The views and opinions expressed in this article are those of the author and do not necessarily reflect the views of the Woodward Spine.
Yesterday there was an Internet slap-fight between the operators of Cass City Cinema and fans and friends of the operators of the late-Burton Theatre and the very-much alive and getting alive-ier Corktown Cinema. Because most of the back-and-forth occured on Facebook and was littered with both incendiary and uninformed comments, there is a likelihood that the squabble will be, and has been trivialized, (like me calling it a slap fight) or misunderstood, but this is important stuff and the disagreement is not at all confusing.
Yesterday someone, seemingly the current owner of the former Burton International School, Joel Landy, effectively wrestled control of the Burton Theatre Facebook page and twitter account. How he did this I am not entirely sure, though based on accounts from others’ posts, it seems he managed to do so simply by asking Facebook to give him control of the page. This account had, before Landy took over the page, more than 2,100 “likes” and a robust community of people following and interacting with the theatre, which was promoting the new location and name of the Burton, Corktown Cinema. There is not any question that the Facebook page and twitter account, along with the thousands of fans of the Burton are not the property of Joel Landy or anyone else associated with Cass City Cinema, and there is also no question that stealing someone else’s creation (in this case both the Facebook page and the cultivation of the theatre’s online presence) is illegal and morally wrong.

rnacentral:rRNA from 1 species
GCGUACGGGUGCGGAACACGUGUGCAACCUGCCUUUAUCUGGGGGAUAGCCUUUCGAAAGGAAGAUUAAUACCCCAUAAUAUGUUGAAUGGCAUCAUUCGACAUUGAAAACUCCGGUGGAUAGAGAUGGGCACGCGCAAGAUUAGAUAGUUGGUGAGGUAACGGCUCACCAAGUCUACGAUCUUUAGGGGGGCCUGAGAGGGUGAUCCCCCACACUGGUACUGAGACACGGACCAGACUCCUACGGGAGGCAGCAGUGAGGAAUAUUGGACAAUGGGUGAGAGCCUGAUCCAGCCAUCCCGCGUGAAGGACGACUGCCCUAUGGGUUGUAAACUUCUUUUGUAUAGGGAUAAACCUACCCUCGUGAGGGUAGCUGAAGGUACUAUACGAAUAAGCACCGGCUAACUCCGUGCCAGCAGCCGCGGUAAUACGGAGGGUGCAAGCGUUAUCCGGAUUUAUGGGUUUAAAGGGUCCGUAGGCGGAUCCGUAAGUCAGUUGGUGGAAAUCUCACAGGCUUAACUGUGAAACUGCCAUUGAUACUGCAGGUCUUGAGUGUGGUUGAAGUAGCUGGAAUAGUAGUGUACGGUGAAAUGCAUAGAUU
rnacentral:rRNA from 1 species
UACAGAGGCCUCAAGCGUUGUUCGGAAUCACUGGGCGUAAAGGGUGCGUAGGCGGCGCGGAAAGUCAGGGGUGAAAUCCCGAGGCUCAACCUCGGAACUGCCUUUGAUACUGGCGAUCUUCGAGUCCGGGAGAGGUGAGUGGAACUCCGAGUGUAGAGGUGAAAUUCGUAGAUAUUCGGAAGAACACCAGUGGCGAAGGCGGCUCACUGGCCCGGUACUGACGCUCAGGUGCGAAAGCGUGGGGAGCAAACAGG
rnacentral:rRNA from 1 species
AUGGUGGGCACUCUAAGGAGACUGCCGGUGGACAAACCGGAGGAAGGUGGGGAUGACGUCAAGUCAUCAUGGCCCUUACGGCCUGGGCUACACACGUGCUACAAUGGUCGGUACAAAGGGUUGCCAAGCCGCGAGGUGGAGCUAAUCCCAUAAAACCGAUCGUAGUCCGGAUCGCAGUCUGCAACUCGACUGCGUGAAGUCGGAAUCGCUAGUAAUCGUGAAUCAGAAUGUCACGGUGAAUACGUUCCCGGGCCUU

Right now the Burton Theatre Facebook page has been deleted, either because of complaints from the actual owners of The Burton Theatre or because of informed fans of the page reporting the hi-jacked page as a scam. Please do not mistake the deleting of the Facebook page as a victory for the original owners of the business, as anyone who has ever tried to accomplish something on the Internet knows, building and maintaining a strong following and a consistent Internet voice is a very difficult thing to do. If the page stays deleted, or if it is not restored to its original owners this stands as a victory for the owners of Cass City Cinema.
To start off, let’s be clear on what this disagreement is most certainly NOT about. No one believes that Joel Landy or anyone else does not have the right to operate a theatre within the former Burton International School, of course he does. No one thinks there isn’t enough room in the city for another movie theatre, if Landy is finally realizing his dream of running a theater that is essentially TNT writ large, I have no problem with it. It has been sad and extremely frustrating to watch Landy and his supporters act as if fans of the real Burton Theatre are simply against all other movie theaters.
At issue is that Joel Landy does not have the right to operate The Burton Theatre, because he does not own The Burton Theatre, did not create The Burton Theatre and had nothing to do with the success of The Burton Theatre anymore than any other landlord has to do with the success of his/her tenants.
Perhaps this is already obvious, but I am friends with the owners of the original Burton. That friendship is certainly what makes me so invested in this issue, and that friendship also means that I got to watch a group of very hard-working Detroit and Hamtramck residents build a really special cinema from scratch. Joel Landy provided the physical space of course, and that is not nothing, but Jeff, Nate, David and Matt furnished the theatre with amazing seats, a screen, two projectors, a concession stand and everything else needed to run a theatre. More importantly they established a film program that was at one-time challenging and rare while also being really fun and popular.